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06-24-2012, 02:34 AM   #1
Senior Member
kiny's Avatar
Join Date: Apr 2011

Hm, so I have seen some crohn diets (SCD being one of them) that are critiqued by biologists for crohn's disease because they are lacking SCFA (short chain fatty acids). The problem isn't the lack of of carbs, it's the lack of SCFA that is the result of trying to avoid every food group that has carbs. So the one of importance to us is called butyrate.

We demonstrate that, in all CrD colonic tissues, butyrate reduced p65 phosphorylation and release of pro-inflammatory cytokines, such as TNF-α and COX-2 or ICAM-1 from mucosal mononuclear cells, thus restoring the pattern observed in controls after challenge with LPS from Escherichia Coli. Our study suggests that the restoration of intracellular ROS balance through appropriate control of the redox machinery may be a novel approach to treatment of CrD and may pave the way for the development of a new class of functional foods that, by enhancing butyrate production, could be effective treatments for CrD.


TNF-α secretion was measured using the BD OptEIATM ELISA kit II (BD Biosciences) according to the manufacturer's instructions. Protein concentrations of whole-cell lysates were measured using the BioRad Dc protein Assay (BioRad). TNF-α levels were normalized to standard protein concentrations [30].


This report describes the relationships among a bacterial product, oxidative stress and mucosal inflammation in the mucosa of patients with CrD. We have identified butyrate's role in intestinal epithelial homeostasis by promoting anti-oxidative responses and inhibiting mucosal inflammation in the colon of CrD patients.

The short-chain fatty acid butyrate, which is mainly produced in the lumen of the large intestine by the fermentation of dietary fibers, plays a major role in the physiology of the colonic mucosa. It is also the major oxidative substrate for the colonocyte [34]. Impairment of IEC energy homeostasis is a typical feature of inflamed tissue in CrD. Constitutive energy expenditure mediated by persistent IEC activation and reduced energy supply may be the main causes of failure of IEC to preserve energy homeostasis [35].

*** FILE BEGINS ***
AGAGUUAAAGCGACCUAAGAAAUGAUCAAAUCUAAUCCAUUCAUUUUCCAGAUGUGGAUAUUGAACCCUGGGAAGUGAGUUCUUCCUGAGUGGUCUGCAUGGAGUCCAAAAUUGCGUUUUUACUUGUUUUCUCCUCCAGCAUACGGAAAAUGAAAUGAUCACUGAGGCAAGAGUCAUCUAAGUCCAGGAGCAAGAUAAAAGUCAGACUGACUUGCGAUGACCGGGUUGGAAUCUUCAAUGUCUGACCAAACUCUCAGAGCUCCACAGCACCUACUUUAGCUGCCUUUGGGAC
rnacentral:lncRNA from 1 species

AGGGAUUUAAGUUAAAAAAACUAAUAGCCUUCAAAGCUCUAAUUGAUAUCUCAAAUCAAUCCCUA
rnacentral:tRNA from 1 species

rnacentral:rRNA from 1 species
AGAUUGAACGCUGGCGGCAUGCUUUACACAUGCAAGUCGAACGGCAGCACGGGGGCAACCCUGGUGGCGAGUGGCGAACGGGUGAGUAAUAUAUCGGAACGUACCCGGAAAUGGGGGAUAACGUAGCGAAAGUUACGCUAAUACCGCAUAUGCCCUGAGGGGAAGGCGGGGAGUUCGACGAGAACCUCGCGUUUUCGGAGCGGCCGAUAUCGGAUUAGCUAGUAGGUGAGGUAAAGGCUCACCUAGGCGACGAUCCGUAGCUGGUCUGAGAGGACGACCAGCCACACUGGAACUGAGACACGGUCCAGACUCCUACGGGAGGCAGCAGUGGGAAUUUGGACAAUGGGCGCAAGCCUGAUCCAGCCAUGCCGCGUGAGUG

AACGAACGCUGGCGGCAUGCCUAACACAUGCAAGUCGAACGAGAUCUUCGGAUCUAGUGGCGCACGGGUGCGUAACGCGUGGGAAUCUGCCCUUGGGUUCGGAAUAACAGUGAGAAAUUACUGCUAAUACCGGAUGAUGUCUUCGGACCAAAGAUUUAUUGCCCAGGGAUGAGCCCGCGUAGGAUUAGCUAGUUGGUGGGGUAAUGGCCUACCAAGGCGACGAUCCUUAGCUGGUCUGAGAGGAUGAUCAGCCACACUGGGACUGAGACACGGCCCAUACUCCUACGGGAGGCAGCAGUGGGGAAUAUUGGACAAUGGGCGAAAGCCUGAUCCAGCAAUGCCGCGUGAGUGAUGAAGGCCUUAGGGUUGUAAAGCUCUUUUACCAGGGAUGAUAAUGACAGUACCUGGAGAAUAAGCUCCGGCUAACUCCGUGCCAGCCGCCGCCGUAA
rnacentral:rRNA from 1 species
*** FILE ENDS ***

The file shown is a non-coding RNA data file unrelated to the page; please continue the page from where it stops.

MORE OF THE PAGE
Several studies report decreased butyrate oxidation in the inflamed mucosa of patients suffering from UC [36] or CrD [37] and in animal models of experimental colitis [38]. Although other studies found no defect in butyrate oxidation during IBD [39],[40],[41].

06-24-2012, 02:55 AM   #2
Senior Member
kiny's Avatar
Join Date: Apr 2011


Background: Butyrate exerts anti-inflammatory effects in
experimental colitis and on Crohn’s disease lamina
propria mononuclear cells in vitro.

Aim: To explore the efficacy and safety of oral butyrate
in Crohn’s disease.

Methods: Thirteen patients with mild–moderate ileocolonic
Crohn’s disease received 4 g/day butyrate as
enteric-coated tablets for 8 weeks. Full colonoscopy
and ileoscopy were performed before and after treatment.
Endoscopical and histological score, laboratory
data, Crohn’s disease activity index and mucosal
interleukin (IL)-1b, IL-6, IL-12, interferon-c, tumour
necrosis factor-a and nuclear factor-kappa B (NF-jB)
were assessed before and after treatment.

Results: One patient withdrew from the study, and
three patients did not experience clinical improvement.
Among the nine patients (69%) who responded to
treatment, seven (53%) achieved remission and two
had a partial response. Endoscopical and histological
score significantly improved after treatment at ileocaecal
level (P < 0.05). Leucocyte blood count, erythrocyte
sedimentation rate and mucosal levels of NF-jB
and IL-1b significantly decreased after treatment
(P < 0.05).

Conclusions: Oral butyrate is safe and well tolerated, and
may be effective in inducing clinical improvement/
remission in Crohn’s disease. These data indicate the
need for a large investigation to extend the present
findings, and suggest that butyrate may exert its action
through downregulation of NF-jB and IL-1b."

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